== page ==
One of your first challenges as an engaged couple, before you argue about the budget or the guest list, will be deciding what kind of wedding to have. Yes, there are different kinds – the over-the-top traditional shindig to the quickie elopement and everything in-between. We all know that some ladies have been imagining their wedding day since they were a little girl. But have you thought that maybe your dude has thought about it as well? So what do you do when you and your partner don’t have the same wedding day vision? How do you compromise?
- Discuss what’s important to you about your wedding day and WHY. The “why” is key. If it’s important to have a wedding in a church because you promised your great-grandmother on her deathbed, then bring that up sooner than later. If it’s important to your partner to have a wedding celebration close to where he grew up because his dad is disabled and can’t travel, then that’s a very good “why.” Be sure to sit down and think about all these “whys” and weigh their importance. You might have some pretty serious conflicts that need to be addressed and the sooner you do it, the better off you’ll be. Can’t narrow it down? Pick your top three most important things, and compare it to your partner’s top three. Focus on those six items for now, and anything that’s not on the list can be discussed at a later time.
- Compromise, compromise, compromise. I hate to be the one to have to break it to you, but your wedding day will not be 100% as you imagine it. The same goes for your partner. There are two of you involved in this planning (usually) and you are both individuals with equally important needs and wants. So brides – come down from your little wedding planning Cloud 9 for a moment and open your ears and imagination to what your partner has to say. You never know, they might have some brilliant ideas!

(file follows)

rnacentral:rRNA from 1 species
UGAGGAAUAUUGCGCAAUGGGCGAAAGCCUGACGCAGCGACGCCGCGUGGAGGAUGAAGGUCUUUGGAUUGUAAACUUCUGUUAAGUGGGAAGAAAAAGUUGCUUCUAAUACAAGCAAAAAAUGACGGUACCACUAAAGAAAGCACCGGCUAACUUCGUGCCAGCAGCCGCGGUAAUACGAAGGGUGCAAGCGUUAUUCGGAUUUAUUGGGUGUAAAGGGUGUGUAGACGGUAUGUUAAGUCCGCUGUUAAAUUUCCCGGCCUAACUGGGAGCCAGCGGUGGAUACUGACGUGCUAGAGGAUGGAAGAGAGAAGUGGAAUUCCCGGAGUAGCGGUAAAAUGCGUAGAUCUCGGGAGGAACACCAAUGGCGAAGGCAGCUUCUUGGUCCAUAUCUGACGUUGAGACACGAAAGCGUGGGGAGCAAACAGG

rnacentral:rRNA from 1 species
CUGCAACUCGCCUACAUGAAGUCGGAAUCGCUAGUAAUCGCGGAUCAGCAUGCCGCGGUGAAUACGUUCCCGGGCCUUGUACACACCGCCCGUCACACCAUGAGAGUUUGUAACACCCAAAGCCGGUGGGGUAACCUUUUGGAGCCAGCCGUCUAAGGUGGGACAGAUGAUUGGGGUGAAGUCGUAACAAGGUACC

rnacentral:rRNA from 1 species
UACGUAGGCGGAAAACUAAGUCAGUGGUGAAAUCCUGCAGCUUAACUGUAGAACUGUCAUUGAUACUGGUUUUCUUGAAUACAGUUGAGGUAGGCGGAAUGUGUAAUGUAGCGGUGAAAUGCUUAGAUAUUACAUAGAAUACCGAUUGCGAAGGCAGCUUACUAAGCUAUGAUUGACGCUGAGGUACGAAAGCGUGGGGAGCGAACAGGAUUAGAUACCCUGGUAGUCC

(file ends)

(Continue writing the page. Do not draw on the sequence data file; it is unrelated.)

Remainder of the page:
- If you’re stuck, talk about fun parties you have been to together. It doesn’t have to be weddings, it can be any kind of party or special occasion event. Discuss what about that party made it fun. Did they have an open bar? Did they have a casual dress code? Was there a live band? Was it in a park, or a church, or a zoo, or someone’s backyard? Similarly, talk about NOT FUN weddings you have been to together. Chances are if you fell asleep during your cousin’s 90 minute wedding ceremony, and then you do the same thing, your guests will be bored, too.
- Once you are on the same page with vision, THEN talk about budget. Discussing the budget will be much less painful if you’re already agreeing on what type of wedding you’re going to have. If you’re having a destination wedding, now you can move on to realistic locations based on your budget. If you have agreed to get married in a castle, now’s the time to discuss if it will be a castle in the U.S. or a castle in Europe (very different budgets depending on where you live)!
- When all else fails: Vow Renewal. If something is limiting you from having the wedding you really want, whether it’s because it conflicts with your partner’s desires or you’re getting pressure from parents or you have budget issues, I promise it’s not the end of the world. Just save your big plans for a vow renewal! Renewing your vows is a great excuse to throw another party 5 or 10 years down the line, and include some of the wedding elements you may have had to sacrifice the first time around.